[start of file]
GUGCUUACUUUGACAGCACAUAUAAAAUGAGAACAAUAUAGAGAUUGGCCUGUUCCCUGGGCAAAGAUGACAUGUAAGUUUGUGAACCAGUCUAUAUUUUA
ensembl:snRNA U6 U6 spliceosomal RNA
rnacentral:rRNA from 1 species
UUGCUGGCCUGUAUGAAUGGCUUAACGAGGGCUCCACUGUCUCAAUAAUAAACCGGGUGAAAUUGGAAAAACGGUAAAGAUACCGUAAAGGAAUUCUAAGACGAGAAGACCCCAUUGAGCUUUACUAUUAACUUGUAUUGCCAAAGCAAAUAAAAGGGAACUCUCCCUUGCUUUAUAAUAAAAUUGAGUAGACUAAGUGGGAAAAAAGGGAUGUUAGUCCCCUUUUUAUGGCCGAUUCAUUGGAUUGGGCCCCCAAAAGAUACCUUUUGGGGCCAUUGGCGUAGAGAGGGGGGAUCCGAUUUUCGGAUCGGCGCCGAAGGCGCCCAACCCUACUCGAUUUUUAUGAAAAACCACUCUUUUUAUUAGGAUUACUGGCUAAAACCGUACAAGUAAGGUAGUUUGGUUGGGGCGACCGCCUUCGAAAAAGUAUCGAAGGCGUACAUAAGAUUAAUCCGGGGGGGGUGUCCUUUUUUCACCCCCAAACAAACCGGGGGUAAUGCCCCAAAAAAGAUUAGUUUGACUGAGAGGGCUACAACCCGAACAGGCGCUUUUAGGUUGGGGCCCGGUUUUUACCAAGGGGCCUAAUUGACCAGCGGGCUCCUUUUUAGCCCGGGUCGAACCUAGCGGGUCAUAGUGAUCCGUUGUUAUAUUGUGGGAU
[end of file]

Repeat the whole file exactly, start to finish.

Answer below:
GUGCUUACUUUGACAGCACAUAUAAAAUGAGAACAAUAUAGAGAUUGGCCUGUUCCCUGGGCAAAGAUGACAUGUAAGUUUGUGAACCAGUCUAUAUUUUA
ensembl:snRNA U6 U6 spliceosomal RNA
rnacentral:rRNA from 1 species
UUGCUGGCCUGUAUGAAUGGCUUAACGAGGGCUCCACUGUCUCAAUAAUAAACCGGGUGAAAUUGGAAAAACGGUAAAGAUACCGUAAAGGAAUUCUAAGACGAGAAGACCCCAUUGAGCUUUACUAUUAACUUGUAUUGCCAAAGCAAAUAAAAGGGAACUCUCCCUUGCUUUAUAAUAAAAUUGAGUAGACUAAGUGGGAAAAAAGGGAUGUUAGUCCCCUUUUUAUGGCCGAUUCAUUGGAUUGGGCCCCCAAAAGAUACCUUUUGGGGCCAUUGGCGUAGAGAGGGGGGAUCCGAUUUUCGGAUCGGCGCCGAAGGCGCCCAACCCUACUCGAUUUUUAUGAAAAACCACUCUUUUUAUUAGGAUUACUGGCUAAAACCGUACAAGUAAGGUAGUUUGGUUGGGGCGACCGCCUUCGAAAAAGUAUCGAAGGCGUACAUAAGAUUAAUCCGGGGGGGGUGUCCUUUUUUCACCCCCAAACAAACCGGGGGUAAUGCCCCAAAAAAGAUUAGUUUGACUGAGAGGGCUACAACCCGAACAGGCGCUUUUAGGUUGGGGCCCGGUUUUUACCAAGGGGCCUAAUUGACCAGCGGGCUCCUUUUUAGCCCGGGUCGAACCUAGCGGGUCAUAGUGAUCCGUUGUUAUAUUGUGGGAU